To me, on the other hand, the God of process theology is an attractive image, because it strips away the old authoritarianism of the all-powerful sovereign monarch and magician in the sky, and instead views God as a companion who suffers with us and who is actively participating at each moment in our lives in a non-coercive, persuasive manner. God still plays a crucial role in constantly speaking to us, and in offering novelty as a means of creative participation in the outcomes of events. This is a role that, I believe, only God can play within process thought. That is why God was so crucial to Whitehead's metaphysics.

In any case, I don't see how you can resolve the problem of evil with a benevolent God unless you view God as something other than classically omnipotent. To me, process thought resolves the problem of theodicy in ways that classical theism cannot.

Greg said...

If one believes God to be all powerful and in control, then an explanation of the relationship between God and human suffering needs to be given. The explanations I have heard have mostly consisted of some idea about God's judgment and/or punishment - that is, when tragedy happens to "others." When it happens to one personally, the explanations I have heard have usually consisted of some idea about a testing or trial of faith - but not God's judgment or punishment. The irony!

For instance, I heard some fundamentalists blame Hurricane Katrina on homosexuals and other so-called "sinners" of New Orleans. Well, if that was the case, then apparently God has very bad aim! Most of the victims I saw on television, anyway, were poor and black. Now tell me that God is initiating tragic events to "judge" human beings for our "sins!"

No, I must believe in a God who is not all powerful. At first, it was difficult for me to "let go" of God's omnipotence, but now I no longer need the God-is-in-control band aid when tragedy, uncertainty, and insecurity arise.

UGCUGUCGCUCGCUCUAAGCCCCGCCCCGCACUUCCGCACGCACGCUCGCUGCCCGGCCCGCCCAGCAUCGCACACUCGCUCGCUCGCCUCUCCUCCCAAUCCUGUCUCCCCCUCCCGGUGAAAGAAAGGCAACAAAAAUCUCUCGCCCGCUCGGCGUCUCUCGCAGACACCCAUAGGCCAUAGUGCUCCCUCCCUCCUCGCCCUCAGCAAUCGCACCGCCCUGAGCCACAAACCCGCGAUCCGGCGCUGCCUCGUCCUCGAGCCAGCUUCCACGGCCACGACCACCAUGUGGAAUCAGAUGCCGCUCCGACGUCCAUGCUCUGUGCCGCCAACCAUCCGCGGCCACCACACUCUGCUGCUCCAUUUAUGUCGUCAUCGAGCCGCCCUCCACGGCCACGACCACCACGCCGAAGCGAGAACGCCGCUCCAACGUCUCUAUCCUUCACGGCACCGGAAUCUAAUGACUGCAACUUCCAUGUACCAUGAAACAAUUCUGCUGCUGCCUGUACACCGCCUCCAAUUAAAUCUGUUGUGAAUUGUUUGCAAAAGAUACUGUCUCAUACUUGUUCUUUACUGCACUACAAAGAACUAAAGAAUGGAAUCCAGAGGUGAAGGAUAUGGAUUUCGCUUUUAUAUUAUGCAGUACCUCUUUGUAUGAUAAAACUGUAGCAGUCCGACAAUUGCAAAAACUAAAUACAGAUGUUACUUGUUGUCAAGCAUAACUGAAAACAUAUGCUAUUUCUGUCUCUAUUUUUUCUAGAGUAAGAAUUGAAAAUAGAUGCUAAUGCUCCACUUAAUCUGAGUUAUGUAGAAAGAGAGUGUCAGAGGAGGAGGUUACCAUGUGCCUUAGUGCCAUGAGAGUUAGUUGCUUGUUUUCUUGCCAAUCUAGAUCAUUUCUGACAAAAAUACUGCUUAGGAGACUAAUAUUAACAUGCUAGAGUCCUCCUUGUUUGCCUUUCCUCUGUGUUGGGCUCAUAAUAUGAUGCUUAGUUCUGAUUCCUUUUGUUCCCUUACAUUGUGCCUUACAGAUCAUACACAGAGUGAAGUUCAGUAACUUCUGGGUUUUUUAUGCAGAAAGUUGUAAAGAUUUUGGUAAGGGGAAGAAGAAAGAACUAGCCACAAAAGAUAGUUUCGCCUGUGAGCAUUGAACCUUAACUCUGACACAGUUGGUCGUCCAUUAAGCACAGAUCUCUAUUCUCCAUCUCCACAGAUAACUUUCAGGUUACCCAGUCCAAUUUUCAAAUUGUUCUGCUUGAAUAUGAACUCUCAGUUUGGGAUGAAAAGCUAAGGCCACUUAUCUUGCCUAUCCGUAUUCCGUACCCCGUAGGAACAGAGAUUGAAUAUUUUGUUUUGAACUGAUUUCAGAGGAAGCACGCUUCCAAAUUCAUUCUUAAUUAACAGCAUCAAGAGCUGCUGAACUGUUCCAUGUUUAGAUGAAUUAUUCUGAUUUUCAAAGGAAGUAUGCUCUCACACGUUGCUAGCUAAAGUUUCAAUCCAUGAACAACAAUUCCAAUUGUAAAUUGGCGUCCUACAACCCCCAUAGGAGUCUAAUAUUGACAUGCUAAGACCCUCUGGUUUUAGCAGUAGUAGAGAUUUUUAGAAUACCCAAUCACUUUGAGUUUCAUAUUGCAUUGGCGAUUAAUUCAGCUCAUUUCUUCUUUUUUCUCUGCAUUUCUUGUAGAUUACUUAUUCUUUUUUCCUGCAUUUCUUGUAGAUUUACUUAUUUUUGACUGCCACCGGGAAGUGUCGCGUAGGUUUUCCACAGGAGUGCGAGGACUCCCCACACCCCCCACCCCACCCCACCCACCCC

God is with us - indeed, that is more powerful than we often perceive! God is with us to walk with us, laugh with us, console us, grieve with us, and just BE with us in all our tragedy, uncertainty, and insecurity! Thanks be to God! And, for me, that is enough reason to worship and praise the Holy!

Jan said...

I continue to find the Divine Mystery to be BOTH AND in so many instances, way beyond my understanding. In my naive way, I say there's another dimension that we are not aware of where God is both all knowing and all loving. All knowing with us having free will certainly sounds impossible. God With Us--in the joy and in the suffering. Thank you for those thoughts of Greg Griffey.

Sarah said...

very minor grammar nitpick

"These days, I prefer to think of God not as a noun, but as a verb; a loving, yet not all-powerful force, in whom we live, move, and have our being."

That is not actually a verb. That is a noun. (Sorry I'm studying linguistics, and I just can't help myself...)

I like the sentiment though. If we look at God differently then we can find out more about why we thought what we did of God in the first place. It expands our minds, at the very least.

Greg said...


Actually, the word "force" is also a transitive verb, meaning to win one's way into. I like to think of God as a "force" in this sense, not as a violent force, but as simple present "force." Perhaps God wins God's way - in time, much time - by simply being present with us. ???

But, yes, "force" can be used as a noun as well. =)

Cynthia said...

A big fat honkin' AMEN to that post!!

Jeff S. said...

Greg Griffey's blog is now "invitation only", but I don't have an email address to contact Greg. Could you either look up his email address and send it to, or forward this request to Greg?


Mystical Seeker said...

To be honest, I don't have his email address. His blog seems to go private from time to time.